• Beaven, Alfred P. (1908). "'Chronological list of aldermen: 1601-1650', The Aldermen of the City of London: Temp. Henry III - 1912". pp. 47–75, 261–297. Missing or empty |url= (help)CS1 maint: ref=harv (link).mw-parser-output cite.citation{font-style:inherit}.mw-parser-output .citation q{quotes:"\"""\"""'""'"}.mw-parser-output .id-lock-free a,.mw-parser-output .citation .cs1-lock-free a{background-image:url("//");background-image:linear-gradient(transparent,transparent),url("//");background-repeat:no-repeat;background-size:9px;background-position:right .1em center}.mw-parser-output .id-lock-limited a,.mw-parser-output .id-lock-registration a,.mw-parser-output .citation .cs1-lock-limited a,.mw-parser-output .citation .cs1-lock-registration a{background-image:url("//");background-image:linear-gradient(transparent,transparent),url("//");background-repeat:no-repeat;background-size:9px;background-position:right .1em center}.mw-parser-output .id-lock-subscription a,.mw-parser-output .citation .cs1-lock-subscription a{background-image:url("//");background-image:linear-gradient(transparent,transparent),url("//");background-repeat:no-repeat;background-size:9px;background-position:right .1em center}.mw-parser-output .cs1-subscription,.mw-parser-output .cs1-registration{color:#555}.mw-parser-output .cs1-subscription span,.mw-parser-output .cs1-registration span{border-bottom:1px dotted;cursor:help}.mw-parser-output .cs1-ws-icon a{background-image:url("//");background-image:linear-gradient(transparent,transparent),url("//");background-repeat:no-repeat;background-size:12px;background-position:right .1em center}.mw-parser-output code.cs1-code{color:inherit;background:inherit;border:inherit;padding:inherit}.mw-parser-output .cs1-hidden-error{display:none;font-size:100%}.mw-parser-output .cs1-visible-error{font-size:100%}.mw-parser-output .cs1-maint{display:none;color:#33aa33;margin-left:0.3em}.mw-parser-output .cs1-subscription,.mw-parser-output .cs1-registration,.mw-parser-output .cs1-format{font-size:95%}.mw-parser-output .cs1-kern-left,.mw-parser-output .cs1-kern-wl-left{padding-left:0.2em}.mw-parser-output .cs1-kern-right,.mw-parser-output .cs1-kern-wl-right{padding-right:0.2em}.mw-parser-output .citation .mw-selflink{font-weight:inherit}
  • House of Lords (4 June 1660). "4 June 1660". Volume 11: 1660-1666 (1767-1830). House of Lords Journal. 11. pp. 51–53. Retrieved 8 August 2011.CS1 maint: ref=harv (link)
  • House of Lords (2 February 1662). "7 February 1662". Volume 11: 1660-1666 (1767-1830). House of Lords Journal. 11. pp. 51–53. Retrieved 8 August 2011.CS1 maint: ref=harv (link)
  • Willis, Browne (1750). Notitia Parliamentaria, Part II: A Series or Lists of the Representatives in the several Parliaments held from the Reformation 1541, to the Restoration 1660 ... London. pp. 229, 233, 240, 246.CS1 maint: ref=harv (link)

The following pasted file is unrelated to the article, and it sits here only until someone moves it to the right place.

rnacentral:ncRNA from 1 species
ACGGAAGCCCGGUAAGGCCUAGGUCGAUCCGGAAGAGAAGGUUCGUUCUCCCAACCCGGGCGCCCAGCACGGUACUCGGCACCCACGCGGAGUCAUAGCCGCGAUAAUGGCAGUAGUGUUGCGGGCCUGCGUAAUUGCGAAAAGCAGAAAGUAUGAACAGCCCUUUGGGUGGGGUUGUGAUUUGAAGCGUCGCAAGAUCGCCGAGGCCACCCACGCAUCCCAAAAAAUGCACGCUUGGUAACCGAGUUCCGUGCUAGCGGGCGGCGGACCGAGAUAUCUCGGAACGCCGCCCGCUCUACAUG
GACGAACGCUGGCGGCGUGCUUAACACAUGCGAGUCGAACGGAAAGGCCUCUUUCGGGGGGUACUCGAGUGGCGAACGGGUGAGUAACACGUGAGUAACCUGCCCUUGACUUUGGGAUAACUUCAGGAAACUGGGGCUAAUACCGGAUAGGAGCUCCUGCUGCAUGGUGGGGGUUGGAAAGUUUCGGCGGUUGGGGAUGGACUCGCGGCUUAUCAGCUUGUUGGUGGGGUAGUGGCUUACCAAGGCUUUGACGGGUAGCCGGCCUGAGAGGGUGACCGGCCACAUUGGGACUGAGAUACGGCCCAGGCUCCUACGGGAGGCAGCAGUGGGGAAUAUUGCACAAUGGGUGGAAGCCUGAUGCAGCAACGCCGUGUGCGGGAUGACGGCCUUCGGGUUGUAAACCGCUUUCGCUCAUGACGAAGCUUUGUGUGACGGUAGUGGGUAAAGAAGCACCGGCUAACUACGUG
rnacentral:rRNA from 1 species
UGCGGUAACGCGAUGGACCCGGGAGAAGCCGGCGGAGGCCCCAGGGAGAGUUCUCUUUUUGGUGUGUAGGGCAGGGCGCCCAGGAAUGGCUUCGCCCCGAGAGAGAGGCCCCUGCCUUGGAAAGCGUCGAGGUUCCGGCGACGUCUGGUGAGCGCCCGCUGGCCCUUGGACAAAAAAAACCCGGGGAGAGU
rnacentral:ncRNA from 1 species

• Lindley, Keith (2004). "Penington, Isaac (c.1584–1661)". Oxford Dictionary of National Biography (online ed.). Oxford University Press. doi:10.1093/ref:odnb/21840.CS1 maint: ref=harv (link) (Subscription or UK public library membership required.)

Further reading

Parliament of England
Preceded by
Parliament suspended since 1629
Member of Parliament for City of London
With: Thomas Soame 1640–1648
Samuel Vassall 1640–1648
Matthew Cradock 1640–1641
John Venn 1641–1650
Succeeded by
Robert Tichborne
John Ireton
Samuel Moyer
John Langley
John Stone
Henry Barton
Praise-God Barebone
Civic offices
Preceded by
Sir Richard Gurney, 1st Baronet
Lord Mayor of London
Succeeded by
Sir John Wollaston

1 Annotation

Bill  •  Link

Pennington. I am unwilling to be troublesome to the Court. This I shall take the boldness to say; (which shall be nothing but truth) I never had a hand in plotting, contriving malicious practices against his Majesty, demonstrated by utterly refusing to sign the Warrant for his Execution though often sollicited thereunto; I cannot deny but I sate amongst them that day of the Sentence but I cannot remember I was there when the Sentence passed. My sitting amongst them was out of ignorance, I knew not what I did, therefore I hope you wil believe there was nothing of malice in any thing I did. I was misled to it.
---An Exact and Most Impartial Accompt of the Indictment, Arraignment, Trial, and Judgment (according to Law) of Twenty Nine Regicides. 1679.

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Chart showing the number of references in each month of the diary’s entries.